The treatment of the mica substrate is shown schematically in Figure IA The amino groups of APTES are bound covalently to the freshly cleaved mica surface, giving it similar properties to an anion exchanger used in affinity chromatography. Its anionic affinity is enhanced by the substitution of methyl groups for the amino protons using methyl iodide (Step 2). On contact with water (Step 3), the ethoxy groups of the covalently bound APTES moieties are hydrolyzed to OH. We have obtained good AFM images using both the methylated surface (step 2) and the aminopropyl surface (step 2 omitted). Binding of DNA to Modified Mica

We checked the modification procedure with 32P-labeled Hpall restriction fragments of pBR322 ~lasmid DNA Mica substrates, treated with APTES, were incubated in a solution of 2P- DNA for a given period, washed thoroughly and the radioactivity of both mica samples and the DNA solutions was determined. These data yield the fraction of total DNA molecules initially in solution that became bound by the surface. Results comparing non-treated mica, mica modified using APTES only (step I on Figure lA) and mica modified by APTES followed by methylation (step 2) are shown in Figure 1B. DNA binding to the unmodified mica surface is insignificant

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AFM Imaging of RNA and DNA


Figure 2: AFM images of mica substrates modified with different concentrations of APTES. Immediately after cleaving, mica plates were treated as described in Figure 1. The surfaces were immersed in toluene solutions offresh APTES at different concentrations, incubated overnight, rinsed with pure toluene and dried. (A) 0.1 M APTES; (B) 0.1 mM APTES; (C) O.l!!M APTES. Bar size is 1 11m.

(radioactivity of the samples is very close to the background). Mter 4 hours of incubation, 0.25% of total DNA molecules were bound to the surface modified with APTES alone. This fraction was increased by an order of magnitude when the surface was methylated. We have investigated the nature of the forces holding DNA on the surface by incubation of DNNmica samples in highly concentrated salt solutions. Mica samples incubated for4 hours in 0.2M NaCl solution resulted in desorption of 50% of DNA molecules. In 2M NaCl, only 20% of DNA remained on the surface. These results suggest that (relatively nonspecific) electrostatic interaction is a predominant force holding DNA molecules onto the aminopropyl mica surface. Suiface Structure ofAP-Mica

AFM images of a mica surface modified with APTES at different concentrations (AP mica) are shown in Figure 2. At high APTES concentration (0.1 M) the surface is extensively and somewhat irregularly modified (Figure 2A) but the irregularities are reduced with decreasing APTES concentration (Figure 2B) so that at 0.1 f.lM the surface is uniform to within the resolution of the AFM images (Figure 2C). The dark bands that cross the image are instrumental artifacts which occur at large scan amplitudes. They do not rotate as the sample is rotated relative to the scan head and a series of small range scans taken over the same area verifies that the surface is flat. These dark bands vary with alignment of the AFM optics, and we believe that they are caused by interference between the reflected beam and laser light scattered from objects on the substrate. Imaging of DNA as shown below utilized mica surfaces treated with fresh preparations of APTES at concentrations that did not exceed 0.1 flM. Imaging of Lambda DNA Restriction Fragments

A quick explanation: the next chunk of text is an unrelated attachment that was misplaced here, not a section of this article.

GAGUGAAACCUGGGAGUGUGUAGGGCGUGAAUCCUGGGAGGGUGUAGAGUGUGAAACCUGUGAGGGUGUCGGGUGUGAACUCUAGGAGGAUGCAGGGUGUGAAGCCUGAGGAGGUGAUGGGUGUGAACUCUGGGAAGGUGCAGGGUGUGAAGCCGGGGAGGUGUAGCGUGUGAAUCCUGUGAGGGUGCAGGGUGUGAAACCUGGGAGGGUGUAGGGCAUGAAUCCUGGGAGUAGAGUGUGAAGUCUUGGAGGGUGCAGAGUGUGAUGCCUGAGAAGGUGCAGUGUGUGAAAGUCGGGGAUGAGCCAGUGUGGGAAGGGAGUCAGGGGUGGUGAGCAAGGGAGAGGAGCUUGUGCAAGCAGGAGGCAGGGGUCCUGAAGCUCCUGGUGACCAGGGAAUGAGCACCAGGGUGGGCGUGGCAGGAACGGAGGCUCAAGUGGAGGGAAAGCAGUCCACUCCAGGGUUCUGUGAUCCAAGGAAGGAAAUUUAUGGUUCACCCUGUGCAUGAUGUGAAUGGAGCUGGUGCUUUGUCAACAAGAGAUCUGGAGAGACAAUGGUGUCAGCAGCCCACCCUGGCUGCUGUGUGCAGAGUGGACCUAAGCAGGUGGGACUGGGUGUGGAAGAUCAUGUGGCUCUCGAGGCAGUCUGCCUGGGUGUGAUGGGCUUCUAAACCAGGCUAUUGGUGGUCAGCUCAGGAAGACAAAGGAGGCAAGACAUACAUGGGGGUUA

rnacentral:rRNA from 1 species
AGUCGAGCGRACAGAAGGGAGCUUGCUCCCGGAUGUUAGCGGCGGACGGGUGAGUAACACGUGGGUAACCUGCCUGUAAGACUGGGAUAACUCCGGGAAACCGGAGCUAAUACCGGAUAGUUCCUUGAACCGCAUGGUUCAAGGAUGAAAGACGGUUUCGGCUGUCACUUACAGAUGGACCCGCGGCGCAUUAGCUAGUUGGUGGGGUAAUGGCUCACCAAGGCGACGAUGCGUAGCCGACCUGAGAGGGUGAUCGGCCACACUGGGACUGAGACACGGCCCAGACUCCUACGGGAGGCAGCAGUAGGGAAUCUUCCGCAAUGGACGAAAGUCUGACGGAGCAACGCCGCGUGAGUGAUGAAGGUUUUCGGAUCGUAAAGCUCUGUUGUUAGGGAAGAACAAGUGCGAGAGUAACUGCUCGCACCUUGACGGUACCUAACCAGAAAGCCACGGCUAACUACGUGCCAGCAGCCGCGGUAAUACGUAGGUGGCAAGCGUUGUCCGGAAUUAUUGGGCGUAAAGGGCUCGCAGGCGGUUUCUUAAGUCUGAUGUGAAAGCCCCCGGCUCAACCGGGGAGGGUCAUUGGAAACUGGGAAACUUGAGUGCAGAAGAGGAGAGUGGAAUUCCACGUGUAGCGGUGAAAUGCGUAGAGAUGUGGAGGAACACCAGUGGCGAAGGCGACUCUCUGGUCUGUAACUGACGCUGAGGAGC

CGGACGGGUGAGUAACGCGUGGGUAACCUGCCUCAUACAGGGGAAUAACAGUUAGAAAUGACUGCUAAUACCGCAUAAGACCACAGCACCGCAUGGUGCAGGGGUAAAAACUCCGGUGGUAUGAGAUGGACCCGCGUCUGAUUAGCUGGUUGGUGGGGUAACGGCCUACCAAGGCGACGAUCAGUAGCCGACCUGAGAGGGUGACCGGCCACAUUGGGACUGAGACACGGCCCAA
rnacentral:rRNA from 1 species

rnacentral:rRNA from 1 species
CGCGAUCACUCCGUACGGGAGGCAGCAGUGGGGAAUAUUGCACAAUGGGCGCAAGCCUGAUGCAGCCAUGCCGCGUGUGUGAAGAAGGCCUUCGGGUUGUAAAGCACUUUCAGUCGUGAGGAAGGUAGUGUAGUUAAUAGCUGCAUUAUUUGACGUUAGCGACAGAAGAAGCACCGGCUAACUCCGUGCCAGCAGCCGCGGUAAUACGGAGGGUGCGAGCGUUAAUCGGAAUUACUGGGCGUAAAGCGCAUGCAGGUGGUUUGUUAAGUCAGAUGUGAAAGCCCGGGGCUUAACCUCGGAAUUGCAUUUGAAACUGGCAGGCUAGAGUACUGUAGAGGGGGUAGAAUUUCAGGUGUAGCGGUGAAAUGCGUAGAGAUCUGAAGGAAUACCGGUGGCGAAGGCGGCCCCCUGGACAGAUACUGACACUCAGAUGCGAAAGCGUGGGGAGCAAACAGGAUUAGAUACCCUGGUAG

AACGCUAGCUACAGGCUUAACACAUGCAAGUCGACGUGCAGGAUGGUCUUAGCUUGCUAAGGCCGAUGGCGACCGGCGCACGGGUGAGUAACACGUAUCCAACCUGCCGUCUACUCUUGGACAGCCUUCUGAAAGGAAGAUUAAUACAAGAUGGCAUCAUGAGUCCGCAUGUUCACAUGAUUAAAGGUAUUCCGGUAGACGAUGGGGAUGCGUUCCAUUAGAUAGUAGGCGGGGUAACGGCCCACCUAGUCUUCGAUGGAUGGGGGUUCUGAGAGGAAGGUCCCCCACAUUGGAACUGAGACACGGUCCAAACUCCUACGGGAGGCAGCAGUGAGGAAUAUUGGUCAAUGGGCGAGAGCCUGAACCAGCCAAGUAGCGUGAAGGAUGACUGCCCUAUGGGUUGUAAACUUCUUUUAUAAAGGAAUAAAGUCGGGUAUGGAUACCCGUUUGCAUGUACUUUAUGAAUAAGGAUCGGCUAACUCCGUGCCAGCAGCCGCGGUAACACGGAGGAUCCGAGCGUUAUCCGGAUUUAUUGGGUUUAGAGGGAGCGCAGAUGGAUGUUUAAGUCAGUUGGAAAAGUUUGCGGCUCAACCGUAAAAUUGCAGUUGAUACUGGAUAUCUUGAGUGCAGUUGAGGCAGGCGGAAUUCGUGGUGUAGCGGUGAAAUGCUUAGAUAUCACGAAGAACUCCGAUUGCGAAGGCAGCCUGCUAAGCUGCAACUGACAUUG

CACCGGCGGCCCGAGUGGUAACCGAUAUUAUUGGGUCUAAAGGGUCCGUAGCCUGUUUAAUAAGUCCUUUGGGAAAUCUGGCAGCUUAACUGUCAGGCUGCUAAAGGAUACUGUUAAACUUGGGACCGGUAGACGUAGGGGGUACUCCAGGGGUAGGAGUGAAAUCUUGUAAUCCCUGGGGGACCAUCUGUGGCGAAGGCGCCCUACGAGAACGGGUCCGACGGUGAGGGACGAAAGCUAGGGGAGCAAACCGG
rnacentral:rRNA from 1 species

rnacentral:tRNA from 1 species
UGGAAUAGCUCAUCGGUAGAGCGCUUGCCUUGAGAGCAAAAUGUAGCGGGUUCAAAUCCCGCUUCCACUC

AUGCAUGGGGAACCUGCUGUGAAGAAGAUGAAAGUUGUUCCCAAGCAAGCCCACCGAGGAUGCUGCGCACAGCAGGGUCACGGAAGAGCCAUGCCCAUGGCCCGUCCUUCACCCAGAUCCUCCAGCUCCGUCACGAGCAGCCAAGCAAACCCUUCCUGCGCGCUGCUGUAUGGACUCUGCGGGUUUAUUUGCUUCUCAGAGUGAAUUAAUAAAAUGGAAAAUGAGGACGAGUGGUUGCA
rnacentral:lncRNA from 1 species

Here we illustrate the procedure with long linear fragments of DNA Treated substrates were incubated with a solution of Hind III restriction fragments oflambda DNA, rinsed with water, dried and scanned with the AFM in air to yield the images shown in Figure 3. Typical results for this sample are shown in Figure 3A The background is uneven, owing to the interference fringes described above. The most

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Figure 3: (A) AFM image of Hind III restriction fragments of A. phage DNA; raw data showing background fluctuations. Bars are 2 11m markers. (B) shows the same area after high pass filtering to remove background variations. (C) shows the same area as in (B) after 30 min. of continuous scanning at contact forces between 40 and 90 nN. (D) images of well separated fragments including the 23.1 kb restriction fragment (marked with an arrow).

noticeable features are patches that appear to be due to aggregated DNA However, fine filaments can be seen crossing the substrate between the aggregates. These individual strands generally can be followed easily and measured strand lengths correspond well with known restriction fragments. The height of the strands is -2 nm (this can vary considerably), but their width is always much greater. We find that the width ofimages depends upon the tip used in the AFM, as might be expected (6). For a spherical tip (radius R) scanning a cylindrical molecule, it is straightforward to show (13) that the width of the resulting image is 4-j(Rr). For a parabolic tip, the result(15) is [4(R+r).J(r(R-r)]IR. By taking traces across images such as that shown in Figure 3A, we find that the full-width of the DNA imaged in air varies from 20 to 50nm (and sometimes, even broader). This is consistent with the range oftip radii

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AFM Imaging of RNA and DNA


Figure 4: AFM images of whole lambda DNA (B), (C) and (D) are high pass filtered. (A) is raw data. The convoluted molecule in (A) starts at the point labeled "1" and finishes at the point labeled "2". A more extended molecule is shown in (B) and (C) (the path of the molecule is pointed to by arrows). Two adjacent images were taken and the overlap is indicated by the common point labeled "X". (C) is a zoomin on the end of the molecule (shown in a box labeled "D" on (C).

determined experimentally. Bustamante eta/. (15) and Hansmaetal. (17) have also demonstrated that the radius of the AFM tip influences the resolution of isolated molecules. However, our discussion will show that other factors contribute to this apparent broadening effect. The instrumental scanning artifacts observed in Figure 2C correspond to several nm of topography and limit the contrast with which individual strands can be displayed. Figure 3B shows the same scan as in Figure 3A after it has been high-pass filtered to remove background variations. Individual strands can be followed easily. Figure 3C is an image of the same area after continuous scanning for 30 minutes at